Choose Tax Efficient Mutual Funds

When mutual fund managers sell holdings at a profit, fund investors are liable for taxes on these realized gains.  The more a fund manager trades, the greater the investor’s tax burden is likely to be.   Even if you, the investor, have not sold any shares of the fund, the manager has generated a tax liability on your behalf.   It is even possible for investors holding fund shares that have declined in value to owe capital gains taxes that result from one or more trades that the manager executed. You can minimize this source of taxes by either investing in mutual funds only in tax deferred accounts or by choosing funds that are tax efficient.   Index funds tend to be very tax efficient because they have low turnover.   There are also funds that are managed specifically  to reduce the investor’s tax burden.   One academic study found that funds engaged in tax efficient practices generate higher returns than peers even on a pre-tax basis.

Don’t Pay More Tax Than You Have To

Everyone needs to pay their fair share of taxes.  But if you manage your investments with a consideration of tax consequences, you can avoid paying more tax than is required.   If the various considerations outlined here seem too complicated, a simple allocation to a few index funds will tend to be fairly tax efficient.  That is a reasonable place to start.

An old adage about tax planning is that a tax deferred is a tax avoided. In general, the longer you can delay paying tax, the better off you are.   The various forms of tax deferred savings accounts are very valuable in this regard.

While it is more interesting looking for productive investment opportunities, spending a little time understanding how to minimize your tax burden can help to ensure that you actually get to spend the gains that you make.

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How Much am I Paying in Investment Expenses?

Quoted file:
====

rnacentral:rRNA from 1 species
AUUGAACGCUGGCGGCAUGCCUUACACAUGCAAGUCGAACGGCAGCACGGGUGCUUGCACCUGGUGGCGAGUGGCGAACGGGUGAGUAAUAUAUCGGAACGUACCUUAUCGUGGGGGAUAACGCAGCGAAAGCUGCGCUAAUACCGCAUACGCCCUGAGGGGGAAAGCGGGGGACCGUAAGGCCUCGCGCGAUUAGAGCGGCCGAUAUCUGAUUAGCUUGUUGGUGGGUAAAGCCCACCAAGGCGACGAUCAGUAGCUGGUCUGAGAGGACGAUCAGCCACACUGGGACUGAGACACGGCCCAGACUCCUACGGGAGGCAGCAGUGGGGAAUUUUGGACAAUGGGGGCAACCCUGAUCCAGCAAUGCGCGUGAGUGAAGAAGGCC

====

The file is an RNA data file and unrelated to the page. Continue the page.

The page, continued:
This is the seventh installment in our series on how individual investors can assess their financial health.

Hidden CostsIn my experience, I’ve found that many people have no idea how much they’re paying for the privilege of investing. And survey data supports my observations. Ignorance is not bliss. Analysis of investment expenses suggests that many people are probably losing a substantial portion of their potential lifetime investment gains to these expenses—and a considerable portion of them are avoidable.

To understand the true scope of investment expenses, you first need to know the different forms they can take. You’re not alone if you didn’t know about some of these costs.

  • Brokerage fees – Also known as trading commissions, these are what you pay when you buy or sell securities through a broker. Typically, brokerage costs accrue every time you make a trade, though there are a variety of fee structures.
  • Mutual fund stated costs – These are the fees that mutual fund management collects for running the fund. They are expressed as a mutual fund’s expense ratio.
  • Mutual fund trading costs – The costs that funds incur through trading their underlying securities are not included in the expense ratio. They are additional expenses that are passed along to fund investors.
  • Retirement plan administrative costs – In retirement plans, the costs associated with managing the plan itself are over and above the brokerage fees and mutual fund expenses.
  • Advisory fees – If you have a financial advisor, he or she may be paid on the basis of sales commissions, a percentage of your assets, or a flat fee.
  • Cash drag – Mutual funds tend to keep a certain percentage of their assets in cash to support fund share redemptions. These assets are doing nothing, but are still part of the assets subject to the expense ratio of the fund. This is not an explicit fee but it reduces the return of your investment, so I have included it here.
  • Taxes accrued by the mutual fund – Finally, it’s necessary to account for the tax burden that a fund creates for its investors through the fund’s trading.

The Impact of Fund Expenses